By Jessica Able, Record Staff Writer
NAZARETH, Ky. — Two years after Sister of Charity of Nazareth Paula Merrill was murdered in her Mississippi home, those who knew her best are focused on remembering her legacy and forgiving her killer.
Sister Merrill and her friend, School Sister of St. Francis Margaret Held, were found murdered in the home they shared in Durant, Miss., on Aug. 25, 2016. Earlier this summer, Rodney Earl Sanders, 48, pleaded guilty to murdering the two women religious.
Family, friends and members of the Sisters of Charity of Nazareth community commemorated the second anniversary last Friday, Aug. 24, with Mass at St. Vincent Church on the motherhouse campus.
“Margaret and Paula were transformed constantly by their encounter with Jesus,” Sister Frances Krumpelman said in a reflection following the Gospel.
She asked those gathered
how they have changed in the two years since the deaths of the two beloved sisters.
“It seems to me that we, too, have let ourselves be transformed by our encounter with Jesus. We have been faithful to the Gospel as they were. The people in Mississippi have also,” Sister Krumpelman said.
Sisters Merill and Held served the impoverished people of Holmes County, Miss. They worked as nurse practitioners at the Lexington Medical Clinic, providing health care to people with few resources.
Their murders shocked the town and the sisters’ religious communities. But from the beginning, their religious communities, family and friends have sought mercy alongside justice.
Rosemarie Merrill, Sister Merrill’s older sister, attended the memorial Mass at Nazareth last week along with her brother John Merrill and his son David Merrill. She recalled the statement she read to her sister’s killer at his sentencing on June 21.
She expressed relief that Sanders was not given the death penalty, which prosecutors considered. She said her family was “morally and ethically opposed to the death penalty as were Paula and Margaret.”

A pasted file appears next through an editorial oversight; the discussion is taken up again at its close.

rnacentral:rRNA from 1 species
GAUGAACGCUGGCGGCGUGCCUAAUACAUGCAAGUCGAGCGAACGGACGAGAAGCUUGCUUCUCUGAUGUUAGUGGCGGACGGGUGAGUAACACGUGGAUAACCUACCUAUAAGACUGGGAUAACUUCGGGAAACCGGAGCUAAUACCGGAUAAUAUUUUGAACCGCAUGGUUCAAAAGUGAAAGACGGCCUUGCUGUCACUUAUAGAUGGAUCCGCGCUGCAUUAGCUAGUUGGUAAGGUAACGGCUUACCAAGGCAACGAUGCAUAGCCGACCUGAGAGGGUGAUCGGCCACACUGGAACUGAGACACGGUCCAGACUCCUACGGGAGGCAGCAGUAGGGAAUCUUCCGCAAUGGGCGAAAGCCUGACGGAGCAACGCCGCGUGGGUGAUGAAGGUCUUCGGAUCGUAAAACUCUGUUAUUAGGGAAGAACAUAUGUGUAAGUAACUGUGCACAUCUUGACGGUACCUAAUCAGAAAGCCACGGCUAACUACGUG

“I have prayed for you and your family every day since your arrest and will continue to do so. I hope that during your continued prison time you will come to feel remorse for all of the evil deeds you have committed during your life and find peace,” Merrill said in her statement.
Sanders, who told police he went through the back door of the sisters’ home and stabbed them both to death, was sentenced June 21 to two life sentences without the possibility of parole for the murders, 25 years for burglary of their home and an additional five years for stealing their car.
In an interview last week at the SCN motherhouse, Merrill said it was important to address Sanders and to offer forgiveness and mercy.
“Actually to a degree, forgiveness is selfish,” she said. “If you can’t forgive, it becomes this burden that you have to let go.”
Sister Susan Gatz, who served as president of the SCN community from 2013 until this past weekend when new leaders were installed, said she hopes Sanders accepts the forgiveness offered to him and reaches some sort of remorse.
During her statement in the courtroom in June, Sister Gatz spoke on behalf of the SCN community. Speaking directly to Sanders, she said the community supported the plea agreement for life in prison without parole, calling it “justice that recognizes all life is valuable.”
“It is justice that holds out hope, always, that love can break through the hardest barriers. Mr. Sanders, we will never forget what you did to them and the suffering that has caused so many. But because we believe in Christ and in the Gospel, we forgive you,” said Sister Gatz in her statement.
Sister Gatz and Merrill both agreed that the words of forgiveness and mercy directed toward Sanders on the day of his sentencing were likely foreign to him.
“He had a terrible life. It’s no excuse for what happened. But, that was likely the most forgiveness and compassion he experienced in his life. It seemed that he took it in,” Sister Gatz said, noting Sanders looked at the individuals delivering the statements.
Despite her forgiveness, frustration and uncertainty remain for the Merrill family and the Sisters of Charity. Sanders pleaded guilty but has yet to fully explain the events surrounding the deaths of the two religious.
“We do not know exactly when they died, if it was the 24th or the 25th,” Merrill said.
In her statement, Sister Gatz expressed sorrow over wondering about the two women’s last hours and minutes.
“How and especially why? Were they afraid? Did they defend or comfort one another? Did they beg for mercy?” she asked Sanders.
As a way to honor Sisters Merrill and Held, 14 congregations of women religious — the members of the Charity Federation — have decided to continue their presence and ministry in Mississippi.
Two Daughters of Charity and one Sister of Charity of Halifax now live in the house in Holmes County and minister at several service agencies, including the Lexington Community Clinic.
Sister Gatz said the events of the past two years remind her of the paschal mystery, one of the central tenets of the Catholic faith.
“In the midst of something so horrible, I still see life popping up as it were — life is almost stronger than death, which is the purpose of the resurrection. It doesn’t take away the sorrow, but it gives you some kind of hope.”